(3/25/2023) Reading, for the third time, Victor Hugo’s Les Miserables, this time in a slightly abridged version published by Barnes & Noble. I like those handsome trade paperback editions because they have plentiful footnotes and more detailed endnotes. Why you ask, would I lift up that bulky tome for the third time? Simple: it’s my absolute favorite novel for three reasons: the story, Hugo’s careful delivery of it, and his amazing narrative voice. Which means it passes with flying colors my trilogy of requirements for a great book.

Nonfiction wise, I am currently very much into the American Revolution. Having read long ago David McCullough’s John Adams, I’m now almost done with his 1776, an account of that pivotal year that, like all his historical and biographical works, reads like a novel. Yesterday the mailman brought me Washington’s Crossing, historian David Hackett Fischer’s fat book about that famous voyage across the Delaware River on Christmas Eve night in 1776. So I will venture forth, not with a musket in hand but a glass of my friends Raymond and Gladys Haak’s excellent Madeira, the founding fathers’ favorite wine, from their Santa Fe vineyard and winery.

Ruth Moore: Spoonhandle and A Fair Wind Home

The second of those two novels was in the box of books I’ve told you about that ended up with me years after my mother’s death. I had never heard of Ms. Moore, and was surprised to learn (from Google of course) that she is still considered perhaps the strongest literary voice from the state of Maine and shared the New York Times bestseller list for many weeks in the 1940s with Hemingway, Faulkner and Sinclair Lewis. These two novels are wonderful stories full of well drawn characters and absolutory beautiful description. Spoonhandle, and other books by her, are still in print in handsome trade paperbacks from Amazon. I’ve already ordered Candlemas Bay.

Wilton Barnhardt: Gospel is a novel I first read years ago that has picked at my memory often enough to make me pick it up again (which I have more trouble doing this time: it’s huge). It’s about a heavy drinking crusty old Chicago-Irish professor and his quest to find a long lost biblical gospel (and unknowingly his misplaced faith) that takes him to Europe, the Middle East, Africa and America. It’s also about the young, innocent and naïve female graduate student who the university that is funding the expedition insists he take along with him to keep him on the straight and narrow. It’s sort of a combination of Indiana Jones and The Da Vinci Code, but much better written than I found that novel to be.

H. W. Brands: Our First Civil War provides a unique insight into the American Revolution by focusing on those who chose to rebel against British rule (patriots) and those who refused to (loyalists) . One case in point: Benjamin Franklin was a leading patriot, but his son William, the British governor of the New Jersey colony, was a confirmed loyalist (the Revolution is particularly interesting to me, and I suspect reading this book will send me back to Gore Vidal’s novel Burr, which will be my third time to read it in the last nearly fifty years). I’m a huge fan of H. W. Brands’ writing and strongly recommend The First American and Traitor To his Class, his biographies of Benjamin Franklin and Franklin D. Roosevelt. Both were short list finalists for the Pulitzer Prize. All of Brand’s books are excellent.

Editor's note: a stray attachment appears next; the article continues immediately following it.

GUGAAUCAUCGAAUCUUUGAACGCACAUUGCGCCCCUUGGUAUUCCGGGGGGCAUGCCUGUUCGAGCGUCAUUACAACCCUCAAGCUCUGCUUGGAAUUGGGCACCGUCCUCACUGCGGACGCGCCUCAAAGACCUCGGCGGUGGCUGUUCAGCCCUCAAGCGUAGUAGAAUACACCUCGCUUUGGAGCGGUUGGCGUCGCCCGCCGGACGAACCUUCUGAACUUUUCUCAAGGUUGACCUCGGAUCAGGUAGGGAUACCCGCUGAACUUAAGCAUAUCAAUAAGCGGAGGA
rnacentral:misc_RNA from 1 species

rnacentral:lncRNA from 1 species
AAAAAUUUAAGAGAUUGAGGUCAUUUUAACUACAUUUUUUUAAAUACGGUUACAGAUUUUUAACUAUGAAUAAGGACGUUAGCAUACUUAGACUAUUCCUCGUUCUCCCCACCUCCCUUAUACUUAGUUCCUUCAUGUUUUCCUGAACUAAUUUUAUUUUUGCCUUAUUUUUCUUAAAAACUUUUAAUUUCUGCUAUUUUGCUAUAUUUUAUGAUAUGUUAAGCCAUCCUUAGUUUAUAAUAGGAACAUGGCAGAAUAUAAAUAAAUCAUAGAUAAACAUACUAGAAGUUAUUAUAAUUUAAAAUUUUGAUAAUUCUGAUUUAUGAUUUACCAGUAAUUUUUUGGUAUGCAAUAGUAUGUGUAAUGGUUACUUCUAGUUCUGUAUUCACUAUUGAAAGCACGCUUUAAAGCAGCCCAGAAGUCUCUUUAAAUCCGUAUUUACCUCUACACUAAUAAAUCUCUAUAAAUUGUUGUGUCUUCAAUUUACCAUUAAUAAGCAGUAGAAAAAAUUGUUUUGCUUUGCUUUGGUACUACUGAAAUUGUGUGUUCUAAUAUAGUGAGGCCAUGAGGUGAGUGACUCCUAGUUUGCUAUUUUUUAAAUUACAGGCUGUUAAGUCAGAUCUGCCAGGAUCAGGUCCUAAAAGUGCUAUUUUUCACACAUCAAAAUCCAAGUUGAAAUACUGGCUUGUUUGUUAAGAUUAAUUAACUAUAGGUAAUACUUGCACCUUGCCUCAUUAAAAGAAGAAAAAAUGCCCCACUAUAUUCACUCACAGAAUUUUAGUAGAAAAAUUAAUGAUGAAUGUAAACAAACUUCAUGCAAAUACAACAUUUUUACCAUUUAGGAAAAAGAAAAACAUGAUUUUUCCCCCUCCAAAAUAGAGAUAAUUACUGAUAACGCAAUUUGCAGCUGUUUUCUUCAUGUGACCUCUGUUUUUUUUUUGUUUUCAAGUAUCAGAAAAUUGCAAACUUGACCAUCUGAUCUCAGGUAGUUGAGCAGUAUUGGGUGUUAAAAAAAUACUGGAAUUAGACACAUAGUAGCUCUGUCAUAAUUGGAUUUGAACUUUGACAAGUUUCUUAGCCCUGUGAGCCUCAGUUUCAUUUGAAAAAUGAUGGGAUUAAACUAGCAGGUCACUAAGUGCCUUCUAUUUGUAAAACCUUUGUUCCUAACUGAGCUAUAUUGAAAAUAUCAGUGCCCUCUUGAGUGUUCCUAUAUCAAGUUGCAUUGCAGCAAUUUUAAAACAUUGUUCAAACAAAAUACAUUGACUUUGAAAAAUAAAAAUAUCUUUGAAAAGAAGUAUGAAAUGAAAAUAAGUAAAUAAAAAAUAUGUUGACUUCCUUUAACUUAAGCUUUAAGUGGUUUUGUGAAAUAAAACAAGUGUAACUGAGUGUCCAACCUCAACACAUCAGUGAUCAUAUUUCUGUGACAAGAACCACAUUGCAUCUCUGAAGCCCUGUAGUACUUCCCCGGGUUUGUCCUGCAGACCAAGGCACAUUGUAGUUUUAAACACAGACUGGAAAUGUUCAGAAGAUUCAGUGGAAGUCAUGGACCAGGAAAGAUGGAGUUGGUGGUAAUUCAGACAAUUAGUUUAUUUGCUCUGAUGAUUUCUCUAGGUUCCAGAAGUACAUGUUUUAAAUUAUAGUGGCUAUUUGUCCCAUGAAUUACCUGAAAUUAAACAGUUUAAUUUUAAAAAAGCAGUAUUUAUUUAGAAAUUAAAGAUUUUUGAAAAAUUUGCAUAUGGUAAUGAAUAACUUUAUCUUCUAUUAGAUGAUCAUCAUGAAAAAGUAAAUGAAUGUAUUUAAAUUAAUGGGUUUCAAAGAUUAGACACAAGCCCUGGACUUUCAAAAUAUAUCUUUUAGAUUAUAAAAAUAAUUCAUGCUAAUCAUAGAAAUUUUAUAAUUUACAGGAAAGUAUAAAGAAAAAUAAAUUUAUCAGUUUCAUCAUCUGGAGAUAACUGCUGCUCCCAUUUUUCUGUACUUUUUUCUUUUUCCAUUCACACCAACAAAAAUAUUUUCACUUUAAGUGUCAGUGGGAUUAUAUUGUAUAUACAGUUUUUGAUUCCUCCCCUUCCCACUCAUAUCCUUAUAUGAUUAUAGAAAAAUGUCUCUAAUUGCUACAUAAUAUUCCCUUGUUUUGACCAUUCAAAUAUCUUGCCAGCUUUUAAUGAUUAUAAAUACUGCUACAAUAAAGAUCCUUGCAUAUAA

Robert Flynn’s North to Yesterday, is my friend’s excellent novel about a 19th century cattle drive from south Texas that was published before Larry McMurtry tackled the same theme in Lonesome Dove. Flynn and I are fellow inductees in the Texas Institute of Letters and first met when we were teachers in a writers workshop week at Mississippi College over twenty years ago. McMurtry was in TIL also, but I never met him.

John Guy: Thomas Beckett: Warrior, Priest, Rebel. An excellent biography of the English Archbishop who was murdered in Canterbury Cathedral in 1170 AD. Thoroughly researched and beautifully written, it will almost surely send me back to C. S. Lewis’ fine play Murder in the Cathedral. I have a copy somewhere in the unorganized mass of our books that are everywhere.

Ellis Peters: A Morbid Taste for Bones: The First Chronicle of Brother Cadfael. Since I was already submerged in 12th Century Britain in the Beckett biography I figured I’d keep swimming with this novel about the soldier of the Crusades turned monk who grows medicinal herbs in his abbey when he isn’t solving murders. I read it years ago along with several others in the series but forgot who was murdered and by who (I’m beginning to agree with a friend who says when to get to a certain age you only need to own one book, which you can read over and over). It was faster going than the big biography, and I expect Saint Peter’s Fair, another Cadfael whodunit, to arrive from Amazon soon.

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